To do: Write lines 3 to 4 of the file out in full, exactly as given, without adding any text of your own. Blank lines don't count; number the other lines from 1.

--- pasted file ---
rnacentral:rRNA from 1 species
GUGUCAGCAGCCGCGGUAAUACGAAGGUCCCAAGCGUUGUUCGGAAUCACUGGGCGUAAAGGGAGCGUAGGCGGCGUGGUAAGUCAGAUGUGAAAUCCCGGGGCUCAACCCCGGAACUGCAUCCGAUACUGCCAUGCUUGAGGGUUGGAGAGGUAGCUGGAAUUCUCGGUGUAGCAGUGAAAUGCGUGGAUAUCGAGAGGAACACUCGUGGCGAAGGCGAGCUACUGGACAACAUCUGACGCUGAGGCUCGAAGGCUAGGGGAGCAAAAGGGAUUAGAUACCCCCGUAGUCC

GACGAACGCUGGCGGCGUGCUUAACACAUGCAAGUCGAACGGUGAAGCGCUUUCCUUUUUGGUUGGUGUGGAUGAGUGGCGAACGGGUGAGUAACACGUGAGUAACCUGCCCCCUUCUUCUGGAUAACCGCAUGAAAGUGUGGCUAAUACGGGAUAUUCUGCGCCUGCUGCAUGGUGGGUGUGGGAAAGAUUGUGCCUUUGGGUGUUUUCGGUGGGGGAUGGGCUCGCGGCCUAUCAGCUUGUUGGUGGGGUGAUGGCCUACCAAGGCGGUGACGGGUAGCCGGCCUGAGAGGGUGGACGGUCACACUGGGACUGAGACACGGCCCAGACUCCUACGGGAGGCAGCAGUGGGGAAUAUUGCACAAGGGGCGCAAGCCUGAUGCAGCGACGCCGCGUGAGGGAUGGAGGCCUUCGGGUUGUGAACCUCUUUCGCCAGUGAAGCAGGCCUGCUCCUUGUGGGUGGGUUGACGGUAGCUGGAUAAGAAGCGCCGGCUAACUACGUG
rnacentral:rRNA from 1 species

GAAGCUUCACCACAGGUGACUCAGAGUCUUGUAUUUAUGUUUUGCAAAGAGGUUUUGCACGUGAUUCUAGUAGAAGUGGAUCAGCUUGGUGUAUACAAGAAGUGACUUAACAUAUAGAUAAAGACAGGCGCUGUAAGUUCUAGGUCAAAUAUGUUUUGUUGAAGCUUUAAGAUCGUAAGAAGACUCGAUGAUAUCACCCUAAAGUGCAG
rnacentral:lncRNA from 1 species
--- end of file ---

GACGAACGCUGGCGGCGUGCUUAACACAUGCAAGUCGAACGGUGAAGCGCUUUCCUUUUUGGUUGGUGUGGAUGAGUGGCGAACGGGUGAGUAACACGUGAGUAACCUGCCCCCUUCUUCUGGAUAACCGCAUGAAAGUGUGGCUAAUACGGGAUAUUCUGCGCCUGCUGCAUGGUGGGUGUGGGAAAGAUUGUGCCUUUGGGUGUUUUCGGUGGGGGAUGGGCUCGCGGCCUAUCAGCUUGUUGGUGGGGUGAUGGCCUACCAAGGCGGUGACGGGUAGCCGGCCUGAGAGGGUGGACGGUCACACUGGGACUGAGACACGGCCCAGACUCCUACGGGAGGCAGCAGUGGGGAAUAUUGCACAAGGGGCGCAAGCCUGAUGCAGCGACGCCGCGUGAGGGAUGGAGGCCUUCGGGUUGUGAACCUCUUUCGCCAGUGAAGCAGGCCUGCUCCUUGUGGGUGGGUUGACGGUAGCUGGAUAAGAAGCGCCGGCUAACUACGUG
rnacentral:rRNA from 1 species